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UDP Multicast on Windows 10

Hi, I have an application which discovers UPNP devices on a network. The application has worked on Windows XP and Windows 7. When testing this application on Windows 10 it appeared to stop working after a reboot.


I have checked the inbound and outbound rules on the firewall and allowed TCP and UDP on all ports for the application. I have even disabled the firewall, group policy and anti-vrus. The UAC level are switched off. I have had the IT manager log on as a "super-user" and the same situation occurs.


The application will work however after I run the Labview shipped examples:


  • UDP Multicast
  • UDP Multcast


After a reboot it will stop working again until I run the examples. No issues with this on Win XP or Win 7.  When running wireshark I can see that outbound discovery message is missing, I can see traffic on the recive ports so I assume it's the outbound message which is being blocked.


I have attached a similar example (LV 7.1) of our application - which detects UPNP traffic.


Has anyone seen something like this?


I should add I have tried this vi in Labview 2015 (built from 2015 vi's) and have had the same result.


(as a work-a-round I can run the examples prior to the application and all works fine)

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Message 1 of 9

If I run the VI as is, with default values for 'Send to Port' and 'local port' it does not work. However, if I set the two controls to contain the same portnumber it works on my Win10 - also after reboot and with out having run UDB Multicast example before.


Is it intentional that these port numbers are different in 'local port' and 'Send to port'?

Eirikur Runarsson
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Message 2 of 9

Any update on this from your end?

Eirikur Runarsson
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Message 3 of 9

Hi, yes this is intentional. If you use the same port it acts as a "loopback". 


The UPNP port for common traffic is 1900 - with the device responding to the local port.



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Message 4 of 9

Update:The below "fix" no longer works.


The application will work however after I run the Labview shipped examples: 

  • UDP Multicast
  • UDP Multcast

I have rebuilt the tests using examples from Labview 2015 (UDP read and UDP write) with the same result. It still seems that something is preventing the UDP message from leaving the PC on the send port (confirmed by Wireshark). I am at a loss just now as to why - downgrading the OS in the same PC from Win10 to Win7 fixes the issue completely.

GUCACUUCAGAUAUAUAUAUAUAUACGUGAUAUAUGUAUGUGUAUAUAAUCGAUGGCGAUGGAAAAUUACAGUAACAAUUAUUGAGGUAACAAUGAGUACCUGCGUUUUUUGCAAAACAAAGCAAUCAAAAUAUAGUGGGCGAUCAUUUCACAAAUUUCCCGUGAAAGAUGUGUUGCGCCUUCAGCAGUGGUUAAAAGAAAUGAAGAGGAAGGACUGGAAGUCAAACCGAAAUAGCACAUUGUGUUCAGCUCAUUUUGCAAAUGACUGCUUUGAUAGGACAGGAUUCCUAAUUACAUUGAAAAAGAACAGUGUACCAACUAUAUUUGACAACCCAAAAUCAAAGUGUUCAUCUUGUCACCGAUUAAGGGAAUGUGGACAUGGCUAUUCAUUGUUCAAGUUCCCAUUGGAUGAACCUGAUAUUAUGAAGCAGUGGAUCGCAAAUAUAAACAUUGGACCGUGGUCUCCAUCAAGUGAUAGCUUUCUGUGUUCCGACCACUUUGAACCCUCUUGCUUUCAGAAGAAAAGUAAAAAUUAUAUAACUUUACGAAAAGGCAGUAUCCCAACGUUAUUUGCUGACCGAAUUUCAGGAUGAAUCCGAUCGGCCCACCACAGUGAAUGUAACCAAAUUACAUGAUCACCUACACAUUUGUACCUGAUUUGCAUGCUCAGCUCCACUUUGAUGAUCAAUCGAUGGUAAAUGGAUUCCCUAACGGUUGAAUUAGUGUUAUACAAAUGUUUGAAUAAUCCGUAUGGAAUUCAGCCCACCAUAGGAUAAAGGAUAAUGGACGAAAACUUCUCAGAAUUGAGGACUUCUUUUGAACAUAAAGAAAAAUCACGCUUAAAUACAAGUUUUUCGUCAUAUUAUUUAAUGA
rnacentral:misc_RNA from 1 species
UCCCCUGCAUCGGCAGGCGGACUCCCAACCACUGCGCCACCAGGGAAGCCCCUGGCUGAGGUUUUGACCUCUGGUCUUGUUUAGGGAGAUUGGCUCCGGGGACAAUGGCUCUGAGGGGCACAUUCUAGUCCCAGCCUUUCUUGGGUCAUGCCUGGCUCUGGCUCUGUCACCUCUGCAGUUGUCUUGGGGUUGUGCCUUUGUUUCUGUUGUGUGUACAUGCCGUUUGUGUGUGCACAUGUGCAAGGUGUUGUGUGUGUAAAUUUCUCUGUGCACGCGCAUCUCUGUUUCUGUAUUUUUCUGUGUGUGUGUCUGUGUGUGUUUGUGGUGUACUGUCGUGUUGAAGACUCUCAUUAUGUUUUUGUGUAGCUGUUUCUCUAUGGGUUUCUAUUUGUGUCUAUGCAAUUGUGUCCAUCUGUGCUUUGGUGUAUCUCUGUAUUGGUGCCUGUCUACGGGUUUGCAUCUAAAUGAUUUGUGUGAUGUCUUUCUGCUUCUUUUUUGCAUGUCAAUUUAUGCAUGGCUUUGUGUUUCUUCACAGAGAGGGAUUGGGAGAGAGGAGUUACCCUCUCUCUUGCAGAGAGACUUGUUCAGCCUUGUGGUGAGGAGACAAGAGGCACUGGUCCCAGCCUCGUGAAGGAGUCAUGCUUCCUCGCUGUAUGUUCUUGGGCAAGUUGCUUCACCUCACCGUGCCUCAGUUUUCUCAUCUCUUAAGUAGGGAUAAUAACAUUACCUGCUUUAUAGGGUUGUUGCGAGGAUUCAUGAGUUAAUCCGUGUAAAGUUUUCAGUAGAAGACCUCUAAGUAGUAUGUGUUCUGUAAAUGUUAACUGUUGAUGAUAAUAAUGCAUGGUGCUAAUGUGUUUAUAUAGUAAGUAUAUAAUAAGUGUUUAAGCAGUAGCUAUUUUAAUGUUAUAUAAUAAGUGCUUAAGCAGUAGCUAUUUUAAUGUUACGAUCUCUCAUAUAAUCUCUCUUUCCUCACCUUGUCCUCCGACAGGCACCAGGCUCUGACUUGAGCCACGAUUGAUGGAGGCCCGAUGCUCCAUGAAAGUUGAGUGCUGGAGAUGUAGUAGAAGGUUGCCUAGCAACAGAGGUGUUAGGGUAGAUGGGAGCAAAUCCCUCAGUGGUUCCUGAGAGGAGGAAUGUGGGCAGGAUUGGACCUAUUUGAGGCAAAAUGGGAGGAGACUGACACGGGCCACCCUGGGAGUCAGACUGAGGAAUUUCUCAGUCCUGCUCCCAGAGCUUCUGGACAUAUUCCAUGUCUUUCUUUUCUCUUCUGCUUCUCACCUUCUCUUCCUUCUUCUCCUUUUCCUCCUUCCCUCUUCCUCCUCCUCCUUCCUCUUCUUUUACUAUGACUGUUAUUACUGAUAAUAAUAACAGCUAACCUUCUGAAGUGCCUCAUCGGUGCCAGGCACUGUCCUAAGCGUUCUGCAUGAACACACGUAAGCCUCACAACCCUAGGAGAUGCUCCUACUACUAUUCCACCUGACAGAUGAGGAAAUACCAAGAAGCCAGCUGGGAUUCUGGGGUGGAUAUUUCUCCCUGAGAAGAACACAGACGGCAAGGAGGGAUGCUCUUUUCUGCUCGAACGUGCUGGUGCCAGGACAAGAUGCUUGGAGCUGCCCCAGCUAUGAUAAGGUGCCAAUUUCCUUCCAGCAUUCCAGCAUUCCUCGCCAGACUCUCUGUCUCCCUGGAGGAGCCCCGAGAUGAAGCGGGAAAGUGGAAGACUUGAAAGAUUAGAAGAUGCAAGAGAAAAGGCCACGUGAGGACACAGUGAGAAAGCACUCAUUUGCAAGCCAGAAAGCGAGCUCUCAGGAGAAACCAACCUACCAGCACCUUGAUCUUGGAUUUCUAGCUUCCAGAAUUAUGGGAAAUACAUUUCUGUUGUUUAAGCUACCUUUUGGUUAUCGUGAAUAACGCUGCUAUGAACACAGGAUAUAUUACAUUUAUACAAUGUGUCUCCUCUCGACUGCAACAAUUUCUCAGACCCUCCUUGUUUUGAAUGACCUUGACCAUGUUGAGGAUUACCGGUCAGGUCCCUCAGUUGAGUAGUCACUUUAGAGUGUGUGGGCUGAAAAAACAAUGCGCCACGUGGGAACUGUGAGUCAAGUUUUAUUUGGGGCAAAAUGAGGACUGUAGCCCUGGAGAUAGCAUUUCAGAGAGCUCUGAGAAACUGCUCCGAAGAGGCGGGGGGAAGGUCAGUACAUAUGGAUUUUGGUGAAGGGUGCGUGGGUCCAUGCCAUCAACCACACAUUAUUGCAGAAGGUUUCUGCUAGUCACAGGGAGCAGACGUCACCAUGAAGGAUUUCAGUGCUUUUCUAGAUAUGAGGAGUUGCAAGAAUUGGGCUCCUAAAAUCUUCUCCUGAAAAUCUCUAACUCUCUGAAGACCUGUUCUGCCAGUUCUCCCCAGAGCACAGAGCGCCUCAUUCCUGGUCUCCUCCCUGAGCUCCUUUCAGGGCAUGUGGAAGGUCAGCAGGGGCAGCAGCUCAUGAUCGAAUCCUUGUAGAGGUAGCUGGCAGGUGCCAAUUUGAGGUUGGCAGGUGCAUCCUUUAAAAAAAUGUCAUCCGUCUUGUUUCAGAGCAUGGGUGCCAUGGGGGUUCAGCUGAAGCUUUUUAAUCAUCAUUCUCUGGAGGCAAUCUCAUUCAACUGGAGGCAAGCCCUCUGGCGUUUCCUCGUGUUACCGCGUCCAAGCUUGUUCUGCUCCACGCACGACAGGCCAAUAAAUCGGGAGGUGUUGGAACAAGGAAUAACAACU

It looks like a Labview/Win10 issue as other programs on the same PC can send UDP traffic out on that port OK (again confirmed by wireshark). Again, tried with firewall off/on and creating inbound and outbound rules within the firewall when activated.


The UDP message example is as follows:


ST: upnp:rootdevice
MAN: "ssdp:discover"
MX: 5
Content-Length: 0


The message is sent via a port, that port then grabs the incoming data from the devices which reply. If I compare the outgoing message with another (generated from another program) it is identical. In wireshark the outgoing message shows as SSDP traffic. Example trace attached.

If anyone else is using UDP with external hardware comms I would be interested to discuss?


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Message 5 of 9

I'm not sure this is relevant, but the later messages after the one you show seem to be IPv6 IP addresses. The LabVIEW TCP/IP stack interface definitely doesn't support IPv6 frames. Maybe there was an IPv6 to IPv4 translation in the earlier Windows stack that made sure those messages arrived as IPv4 frames in LabVIEW anyways? 

Rolf Kalbermatter
My Blog
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Message 6 of 9

Thanks for the reply, you may be onto something here. If I uncheck the IPV6 options on Win10 control panel (disable/enable the adapter) it starts to work as expected - result!!!!!


Although, trying the same trick on another PC did not work (Further investigation on this part required)


Many thanks, Paul.

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Message 7 of 9



It appears that the act of disabling and re-enabling the ethernet adapter will cause the software to work - even without touching any other setting. Looks more like a Win10 security feature is doing something here unfortunately.



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Message 8 of 9

Hello paulc,


I had a detailed look at your question, the Universal Plug and Play Device Architecture 1.1 (which I used as reference), and Microsoft's Knowledge Base on how Windows 10 regulated UPnP traffic. I developed a new VI (in LabVIEW 2017) to find UPnP devices, which looks a bit different than your approach. It works on several Windows 10 PCs here, however I have not tested which part of your solution exactly is the one preventing the discovery.


Most likely, it is that UPnP devices respond to a M-SEARCH multicast message with a unicast datagram. Your example VI had a multicast receiver, I implemented a unicast receiver. 


To anyone executing the example: 

- Change the "Local address" to your computer's IP before executing. (I needed this as my computer has several IPs and I needed to define which interface my VI shall send the Multicast from.)

- I define a client wait time of two seconds ("MX:2") in the Multicast message. According to the UPnP standard the answering devices should answer within two seconds (plus network delay). However, I had device here that sometimes needed up to 4 seconds to respond. Therefore I programmed my VI to wait five seconds. Please be aware of this when re-using my code and change the value accordingly.

Ingo – LabVIEW 2013, 2014, 2015, 2016, 2017, 2018, NXG 2.0, 2.1, 3.0
Message 9 of 9